Del Amina: On Love, Music, and Finding Your Voice

Del Amina: On Love, Music, and Finding Your Voice


Conversation Beverage of Choice: A Cappuccino - Crema

Del-Amina is this beautifully gentle human with a passion for love and music.  She can currently be found mesmerizing audiences around Nashville with her original Jazz, Soul, and R&B songs.
Friends, If you enjoy being inspired, read on: 

The conversation began with a simple question...  

Start by telling everyone...who are you?  
I like to describe myself as...a lover. A lover of love and life and beautiful things.  And I consider myself a writer.  I was writing before I wrote music.  I was writing poetry and essays and short stuff like that.  And I've always liked to sing, but I haven't always written music.  I started writing music when I was 22, and then I didn't write the next song for maybe five or six years after that.  So most of the songs I've written are from the last four years or so.
I had gotten married one time, and divorced soon after that, but I was really young.  I got married when I was twenty-one.  It seems like a lifetime ago...  But I remember one time, he told me I couldn't sing.  So I stopped singing.  And that was a big thing because I haven't always been a person who really cares a lot about what people think, but specific people...
my eighth grade yearbook says, when they ask you what you want to do when you grow up...I said I want to be a pediatrician, I want to be a professional singer, and a cosmetologist.  I've always wanted to be a singer, and when he told me I couldn't sing I stopped singing.  I wouldn't sing for anything or anybody.  

How long did that last?
Ten years?  
But when I left that relationship I started going back to school for degrees in music.  My first one was in composition, but I started as a vocal performance major... I dropped out when I got married.  When I went back to school I said 'Okay, I can do this music thing,' and the first song I ever wrote was a song about music and it was basically saying that I'm back to my love for music.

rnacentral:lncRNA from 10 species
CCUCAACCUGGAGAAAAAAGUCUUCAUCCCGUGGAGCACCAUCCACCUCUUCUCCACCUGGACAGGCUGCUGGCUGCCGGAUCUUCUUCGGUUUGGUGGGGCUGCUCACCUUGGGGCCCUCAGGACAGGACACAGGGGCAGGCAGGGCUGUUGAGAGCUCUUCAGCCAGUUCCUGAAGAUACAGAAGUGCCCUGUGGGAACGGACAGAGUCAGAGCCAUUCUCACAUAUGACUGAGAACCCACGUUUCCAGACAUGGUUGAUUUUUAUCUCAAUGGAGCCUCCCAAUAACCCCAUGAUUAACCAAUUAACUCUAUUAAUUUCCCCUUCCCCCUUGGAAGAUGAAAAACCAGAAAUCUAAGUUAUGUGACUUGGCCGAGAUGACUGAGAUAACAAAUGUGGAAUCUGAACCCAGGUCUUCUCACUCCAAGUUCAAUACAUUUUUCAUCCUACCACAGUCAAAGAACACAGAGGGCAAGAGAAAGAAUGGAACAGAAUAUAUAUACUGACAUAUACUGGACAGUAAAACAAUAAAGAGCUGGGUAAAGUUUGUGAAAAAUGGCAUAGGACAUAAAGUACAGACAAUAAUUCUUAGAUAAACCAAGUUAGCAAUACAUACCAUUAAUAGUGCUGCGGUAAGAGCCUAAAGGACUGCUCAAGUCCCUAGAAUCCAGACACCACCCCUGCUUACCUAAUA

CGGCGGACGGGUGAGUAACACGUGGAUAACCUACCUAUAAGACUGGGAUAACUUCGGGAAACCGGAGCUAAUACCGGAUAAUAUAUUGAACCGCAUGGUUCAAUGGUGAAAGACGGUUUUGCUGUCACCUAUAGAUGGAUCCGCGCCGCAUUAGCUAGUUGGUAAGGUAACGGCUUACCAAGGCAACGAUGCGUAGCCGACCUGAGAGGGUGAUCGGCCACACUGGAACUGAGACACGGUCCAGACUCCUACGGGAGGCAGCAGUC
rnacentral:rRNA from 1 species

I never would have guessed you stopped singing, based off of seeing you perform live, you were it.  
Yeah I guess I started singing live a year ago.  Actually, coming to Nashville.  I didn't come to be a singer... I came for grad school and my degree in classical composition... I didn't think I was coming to do music but it just happened.  And I LOVE it!  I don't want to stop!  I want to keep doing it!

When you sit down to write, what do you do first?
It depends, but most of my songs I write at the same time.  So...lyrics, melody and chords are all at the same time.  I do have one song where the goal was to write in a different meter.  It's on the EP.  It's called "Solitude."  But most of my songs don't happen with themes in my head.  ...I think that if I feel any strong emotion, it makes me want to write.

So, you have an EP out, what is it titled?   
I do.  'This Moment the EP.' 

And when was that released?
August 23, last year.  It's not been a year yet.

Writing and recording it, what do you think your biggest challenge was?
My biggest challenge was sounding like me.  Because I worked with a co-producer, and other musicians...and anytime you work in a collaborative group, the musicians will play what you ask them to play when you give them charts, but they're still bringing pieces of themselves to it.  My biggest challenge was trying to figure out: How much lee-way am I giving? And does this still sound like me? 

And at the end, I don't feel like it completely sounded like me, but my challenge was accepting it.  ...The EP is called 'This Moment the EP,' So I like acknowledging that as a moment and letting it be beautiful for what it was.  And I love the EP.  I think it's great and everybody's voice was very clear, but I feel like mine wasn't as clear, so my biggest challenge was being able to collaborate without losing my voice.